Since we work with tons of writers and entrepreneurs, we’ve seen our fair share of strategies. We know what works, what doesn’t, and what’s laughably bad. Here are our suggestions for five ways to build trust between you and your audience and show them the respect they deserve:

1. Create engaging content

The key to content marketing is to create content that stimulates a reader’s interest in your company or product. Some people totally misunderstand the phrase “content marketing” and think, “Oh great! I can market myself through content. I can use my content to sell things!”

And then they go on to create articles like “10 reasons why you need my editing service” as if breaking their sales pitch into blurbs will actually interest readers. Hey! Guess what? It will bore them to pieces.

To create engaging content, the best thing to do is to avoid the example above. Instead of “10 reasons why you should purchase my service,” write about why editing takes a long time or even the different editing tools that are available online. You could include your service (like we did) in your last example, but only after you’ve offered reasonable alternatives to your product.

Think about infusing your writing with personality and telling stories. Personalize your content to make it unique to your brand and vision. If you make it clear you’re not only writing the blog to sell your product, your readers will be more likely to trust you. Show you aren’t self-interested. Write for your readers.

2. Be consistent

If you say you are going to publish an article every week, do it. If you say you are going to offer a sale every Friday, you better hold yourself to that promise. You must be consistent to be trustworthy, and you must keep your promises.

Craft Your Content has struggled with consistency before. We’ve gone stretches of time without publishing an article or putting out a newsletter. And it hurt us. That’s why we’re working extra hard now to always put out content when we say we will.

Being consistent isn’t just about gaining and keeping trust; it’s also about staying in the minds of your consumers. If your reader suddenly needs a product like your fat blaster, but you haven’t published an article in two months, is she going to think of your product? Maybe. But the odds are less likely if you haven’t been consistent with your content.

3. Share what you value

Creating content consistently is hard. It requires serious dedication and long hours.

Luckily, there are shortcuts you can take every now and then when you’re facing a deadline and serious writer’s block: Curated content.

Curated content can mean a number of things, but it is most commonly seen as articles that compile a number of resources relating to a certain topic. It’s all about sharing information that could be useful to your readers.

Craft Your Content likes to share what we know by not only writing quality posts, but also sharing quality posts written by others. It shows our audience that we’re not afraid to promote others, and that we read a lot.

In other words, we know our shit.

By sharing articles that aren’t yours but you value, or by writing curated content posts, you will gain trust and show your dedication to quality, not just dedication to sales.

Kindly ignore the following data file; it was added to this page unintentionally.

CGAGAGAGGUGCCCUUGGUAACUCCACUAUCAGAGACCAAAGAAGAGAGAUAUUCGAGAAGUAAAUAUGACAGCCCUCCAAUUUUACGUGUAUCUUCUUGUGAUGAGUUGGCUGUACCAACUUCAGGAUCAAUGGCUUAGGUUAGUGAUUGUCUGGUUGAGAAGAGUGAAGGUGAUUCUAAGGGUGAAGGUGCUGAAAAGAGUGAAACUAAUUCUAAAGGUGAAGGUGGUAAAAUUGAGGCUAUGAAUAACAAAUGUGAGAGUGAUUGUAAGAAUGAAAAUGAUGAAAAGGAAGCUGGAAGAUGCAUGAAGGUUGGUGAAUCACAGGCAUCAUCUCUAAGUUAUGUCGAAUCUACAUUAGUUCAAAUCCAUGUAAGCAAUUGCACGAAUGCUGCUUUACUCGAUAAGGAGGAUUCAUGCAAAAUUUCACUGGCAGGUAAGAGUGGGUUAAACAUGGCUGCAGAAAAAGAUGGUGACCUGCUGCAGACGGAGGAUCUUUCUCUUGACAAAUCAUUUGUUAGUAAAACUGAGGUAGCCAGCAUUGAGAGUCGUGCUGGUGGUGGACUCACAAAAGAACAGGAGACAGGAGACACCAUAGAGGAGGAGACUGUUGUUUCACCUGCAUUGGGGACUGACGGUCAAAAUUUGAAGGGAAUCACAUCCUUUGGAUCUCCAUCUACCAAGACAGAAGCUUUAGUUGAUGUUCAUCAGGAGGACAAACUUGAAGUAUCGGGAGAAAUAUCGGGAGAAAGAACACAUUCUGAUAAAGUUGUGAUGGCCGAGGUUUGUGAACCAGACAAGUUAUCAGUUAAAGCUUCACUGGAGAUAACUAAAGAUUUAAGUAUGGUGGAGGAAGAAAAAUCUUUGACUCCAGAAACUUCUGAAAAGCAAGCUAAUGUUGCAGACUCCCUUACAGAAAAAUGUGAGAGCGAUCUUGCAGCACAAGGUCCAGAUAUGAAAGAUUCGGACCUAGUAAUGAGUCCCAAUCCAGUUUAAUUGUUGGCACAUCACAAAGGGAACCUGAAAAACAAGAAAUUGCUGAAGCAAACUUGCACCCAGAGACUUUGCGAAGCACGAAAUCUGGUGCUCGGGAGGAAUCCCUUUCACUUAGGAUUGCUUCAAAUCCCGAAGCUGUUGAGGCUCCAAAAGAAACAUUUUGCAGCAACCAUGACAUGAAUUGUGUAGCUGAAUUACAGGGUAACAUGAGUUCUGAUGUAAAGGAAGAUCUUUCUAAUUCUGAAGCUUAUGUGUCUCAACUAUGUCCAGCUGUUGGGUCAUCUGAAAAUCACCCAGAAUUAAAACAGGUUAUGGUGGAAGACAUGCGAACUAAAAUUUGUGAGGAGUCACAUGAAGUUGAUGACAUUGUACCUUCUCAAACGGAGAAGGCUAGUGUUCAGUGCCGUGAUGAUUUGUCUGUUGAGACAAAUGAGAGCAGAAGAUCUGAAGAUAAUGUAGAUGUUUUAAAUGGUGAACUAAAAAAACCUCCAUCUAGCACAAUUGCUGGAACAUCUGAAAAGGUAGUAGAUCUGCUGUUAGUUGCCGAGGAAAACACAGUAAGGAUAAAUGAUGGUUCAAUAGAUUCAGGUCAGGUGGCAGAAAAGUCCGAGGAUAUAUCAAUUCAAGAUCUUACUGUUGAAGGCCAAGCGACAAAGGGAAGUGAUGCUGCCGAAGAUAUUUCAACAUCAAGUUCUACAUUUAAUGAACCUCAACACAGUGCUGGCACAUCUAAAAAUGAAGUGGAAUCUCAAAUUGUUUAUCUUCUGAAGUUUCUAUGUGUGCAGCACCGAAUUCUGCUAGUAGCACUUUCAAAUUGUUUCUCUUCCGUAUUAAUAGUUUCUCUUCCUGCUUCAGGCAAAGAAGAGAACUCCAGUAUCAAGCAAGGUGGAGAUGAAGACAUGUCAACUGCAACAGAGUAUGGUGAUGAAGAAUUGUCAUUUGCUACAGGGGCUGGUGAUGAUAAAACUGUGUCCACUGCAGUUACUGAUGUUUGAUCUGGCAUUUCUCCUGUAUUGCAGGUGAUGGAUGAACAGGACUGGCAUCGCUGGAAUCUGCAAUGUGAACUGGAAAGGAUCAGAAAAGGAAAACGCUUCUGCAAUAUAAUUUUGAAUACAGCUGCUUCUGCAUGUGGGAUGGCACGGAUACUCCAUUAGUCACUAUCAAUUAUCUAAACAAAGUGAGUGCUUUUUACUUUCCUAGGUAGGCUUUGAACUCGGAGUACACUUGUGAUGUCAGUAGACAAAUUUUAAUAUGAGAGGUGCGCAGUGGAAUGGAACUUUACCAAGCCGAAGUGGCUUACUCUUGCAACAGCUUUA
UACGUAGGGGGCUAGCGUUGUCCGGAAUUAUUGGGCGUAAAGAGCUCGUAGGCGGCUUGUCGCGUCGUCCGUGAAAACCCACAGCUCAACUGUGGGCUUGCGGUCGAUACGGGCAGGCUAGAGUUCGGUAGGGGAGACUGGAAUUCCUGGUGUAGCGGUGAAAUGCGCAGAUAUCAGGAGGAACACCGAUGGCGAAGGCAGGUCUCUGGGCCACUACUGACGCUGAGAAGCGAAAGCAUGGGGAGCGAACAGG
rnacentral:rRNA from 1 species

4. Be attentive

Marketing isn’t one-sided. Feedback and communication is vital to understanding what you’re doing right and what you can change. Part of building trust with your buyers is showing them that you care what they think.

Always pay attention to their needs, interests, and wishes. Read and respond to reviews, comments, and emails in a kind, helpful way, even if they aren’t happy with your company.

I’ve seen one-star reviews turn into three-star reviews because the customer was contacted and their issue resolved:

This person was clearly unhappy with their hotel, but because the company reached out and tried to make it better, they changed their review.

When customers are reassured that if anything were to go wrong during their buying experience, their issues would be resolved quickly and painlessly, they will be more likely to trust you with their money.

5. Be honest

The final point should be a no-brainer: Don’t lie to your buyers.

If we offered “unlimited editing” for a flat monthly rate, but then imposed a monthly article limit on a client who has purchased this package, that would constitute a lie. No matter how sexy the word “unlimited” sounds, if you can’t truly offer an unlimited amount of your service, don’t use the word. You’ll piss off your clients and lose lots of money.

If you tell even the smallest lie about a product you’re selling and your buyers find out, all that trust you’ve built will completely disappear, and it’s a lot harder to win back someone’s trust once you’ve lost it.

Always be honest, don’t keep secrets, and admit your mistakes. You should never have a reason not to. (And if you do, you’ve probably got more problems than can be solved by reading this article.)

The Golden Rule of Life… and Marketing

You know that old golden rule? Treat others the way you would want to be treated? That’s kind of how we like to view content marketing.

Market to people the way you would want to be marketed to.

Produce content that you would want to read.

Remember: it’s all about meaning.

If you can’t convince yourself to buy something, you’re not going to convince your audience.

So stop treating your buyers like some idiot alien species who doesn’t understand third-grade English, and instead create engaging content that will build their trust and lead to sales organically.

And please, stop using synonyms to trick your customers.

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About the Author

Erika Rasso graduated from the University of Central Florida with a B.A. in English and marketing. She has worked as a writing consultant, an editor for a literary journal, and an editor for an academic journal. In her free time, Erika enjoys writing short stories and screenplays (though mostly she just watches WAY too many shows on Netflix). She is currently working as a freelance editor, and is the Content Producer and Social Media Manager for Craft Your Content. You can visit her website to see more of her work.